As theme for the 45th edition of Rencontres d’Arles (the last one under his direction), François Hébel has chosen "Parade". Many authors are returning for their “last” appearance on the festival, obviously marking the end of a long journey: Lucien Clergue, Raymond Depardon, Martin Parr, Christian Lacroix.
As always, even when it comes to exhibitions of well-established veterans it’s diversity that defines the code of the festival. Lucien Clergue (one of its founders) is going to celebrate his 80th birthday with the big retrospective "Les hommes et les femmes", including videos, interviews and unreleased material. Raymond Depardon will participate with his work on the war memorials built in France after the First World War - which was assigned for the hundredth anniversary of WW1. Martin Parr will present a selection of lost Chinese books on photography, a proper excursus on an extremely little-known editorial reality. Designer Christian Lacroix, supporter of the festival and curating guest in 2008, pays tribute to the town women’s beauty with "L'Arlesienne", which is being staged in the new location at the Hôtel Jules César’s chapel for the occasion.
A new section, Originals, introduces artists and curators debuting at the festival - this year paying great attention to portraits: David Bailey with "Stardust" (already exhibited at the National Portrait Gallery); Patrick Swirc and actor Vincent Pérez, presenting a string of portraits; Denis Rouvre with "Identités, territoires de l'intime", common people being lit up by a neo-Renaissance light.
Increasingly wider space is given to photography that resort to both digital and non-digital editing techniques to turn it into an expanded object - quite difficult to classify in many cases: Anouck Dourand’s narration, an intense wickerwork built with family and archive photos, and press clippings; the collages by Vik Muniz; Daile Kaplan's bizzarre pop objects.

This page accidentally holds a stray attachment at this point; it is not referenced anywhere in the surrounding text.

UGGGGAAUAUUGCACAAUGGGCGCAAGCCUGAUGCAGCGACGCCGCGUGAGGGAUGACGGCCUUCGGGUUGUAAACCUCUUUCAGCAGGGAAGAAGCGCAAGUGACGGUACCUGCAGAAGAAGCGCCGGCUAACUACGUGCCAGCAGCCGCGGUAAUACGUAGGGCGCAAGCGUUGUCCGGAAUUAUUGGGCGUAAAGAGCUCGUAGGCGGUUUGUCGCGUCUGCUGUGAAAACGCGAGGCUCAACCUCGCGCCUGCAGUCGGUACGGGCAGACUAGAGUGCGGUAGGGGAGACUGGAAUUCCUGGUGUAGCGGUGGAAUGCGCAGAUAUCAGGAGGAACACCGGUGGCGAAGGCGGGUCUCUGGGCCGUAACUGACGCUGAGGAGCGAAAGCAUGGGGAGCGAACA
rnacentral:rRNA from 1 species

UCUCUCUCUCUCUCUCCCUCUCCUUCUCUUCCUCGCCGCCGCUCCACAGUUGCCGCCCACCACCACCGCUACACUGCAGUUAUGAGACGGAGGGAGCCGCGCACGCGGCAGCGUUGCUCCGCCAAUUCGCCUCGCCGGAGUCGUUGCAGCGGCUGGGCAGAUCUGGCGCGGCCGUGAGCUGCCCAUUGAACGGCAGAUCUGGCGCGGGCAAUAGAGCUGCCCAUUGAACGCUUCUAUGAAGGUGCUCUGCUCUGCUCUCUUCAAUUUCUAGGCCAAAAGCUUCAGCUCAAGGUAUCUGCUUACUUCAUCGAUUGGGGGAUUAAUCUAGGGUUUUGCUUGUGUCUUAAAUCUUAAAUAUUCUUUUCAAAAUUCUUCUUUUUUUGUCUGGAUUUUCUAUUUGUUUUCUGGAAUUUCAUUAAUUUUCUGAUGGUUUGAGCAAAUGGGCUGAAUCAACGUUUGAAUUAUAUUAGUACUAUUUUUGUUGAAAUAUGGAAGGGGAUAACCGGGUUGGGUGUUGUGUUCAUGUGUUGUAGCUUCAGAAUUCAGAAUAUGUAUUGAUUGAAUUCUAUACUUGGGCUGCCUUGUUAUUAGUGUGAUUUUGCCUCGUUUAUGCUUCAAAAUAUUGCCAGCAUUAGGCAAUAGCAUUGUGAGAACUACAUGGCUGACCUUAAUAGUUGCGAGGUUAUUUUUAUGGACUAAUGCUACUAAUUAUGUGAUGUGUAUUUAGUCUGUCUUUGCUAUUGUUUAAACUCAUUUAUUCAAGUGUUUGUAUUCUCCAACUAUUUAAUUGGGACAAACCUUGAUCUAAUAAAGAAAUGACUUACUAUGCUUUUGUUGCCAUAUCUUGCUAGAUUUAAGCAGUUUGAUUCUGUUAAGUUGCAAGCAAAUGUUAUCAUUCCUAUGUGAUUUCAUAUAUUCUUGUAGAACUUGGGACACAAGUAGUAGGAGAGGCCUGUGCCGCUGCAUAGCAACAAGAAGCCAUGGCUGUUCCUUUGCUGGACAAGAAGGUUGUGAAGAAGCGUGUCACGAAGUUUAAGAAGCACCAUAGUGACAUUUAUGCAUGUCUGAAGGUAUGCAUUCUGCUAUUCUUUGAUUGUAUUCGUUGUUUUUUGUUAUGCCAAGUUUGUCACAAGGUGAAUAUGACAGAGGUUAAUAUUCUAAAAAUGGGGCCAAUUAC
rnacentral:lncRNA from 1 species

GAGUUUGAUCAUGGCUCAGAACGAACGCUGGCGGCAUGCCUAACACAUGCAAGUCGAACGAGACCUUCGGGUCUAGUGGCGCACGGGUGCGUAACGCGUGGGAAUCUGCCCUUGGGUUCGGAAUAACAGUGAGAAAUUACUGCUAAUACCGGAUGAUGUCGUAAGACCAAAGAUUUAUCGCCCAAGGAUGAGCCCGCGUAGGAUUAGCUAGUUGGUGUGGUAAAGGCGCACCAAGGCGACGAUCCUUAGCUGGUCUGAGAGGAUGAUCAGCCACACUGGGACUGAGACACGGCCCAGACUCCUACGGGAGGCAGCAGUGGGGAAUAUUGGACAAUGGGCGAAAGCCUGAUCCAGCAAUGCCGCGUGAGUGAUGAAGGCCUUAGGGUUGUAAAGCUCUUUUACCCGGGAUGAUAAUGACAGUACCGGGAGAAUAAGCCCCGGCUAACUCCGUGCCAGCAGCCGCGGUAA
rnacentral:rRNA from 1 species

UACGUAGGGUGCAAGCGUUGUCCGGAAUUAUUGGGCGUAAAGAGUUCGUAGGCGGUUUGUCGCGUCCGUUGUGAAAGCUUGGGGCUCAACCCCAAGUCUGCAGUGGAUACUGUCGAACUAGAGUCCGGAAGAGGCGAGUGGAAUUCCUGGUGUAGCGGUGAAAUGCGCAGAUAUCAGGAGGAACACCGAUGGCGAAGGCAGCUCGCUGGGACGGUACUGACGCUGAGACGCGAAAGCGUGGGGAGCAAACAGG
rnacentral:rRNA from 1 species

And wide room is given to collections, too: from the exemplary classifying path of Artur Walther’s collection, to the Trepat collection curated by Joan Fontcuberta, to the historical photos by Léon Gimpel and the Hunt and Hudelot collections.
With some 50 exhibitions scattered throughout town and variety and curating attention that are unmatched for such a large-scale festival, the Rencontres transform this Roman town in Provence in the photography world capital every year.
In addition to exhibitions the festival is hosting - as custom goes - showings, debates, workshops, portfolio readings, off sections and the historic prize for new talents.
So it is the conclusion of a cycle that’s lead the festival from being a point of reference for insiders to global stardom (100.000 visitors last year). And it paves the way, under a few regards, for a new beginning.
Rencontres d'Arles, from 7th July to 21st September.
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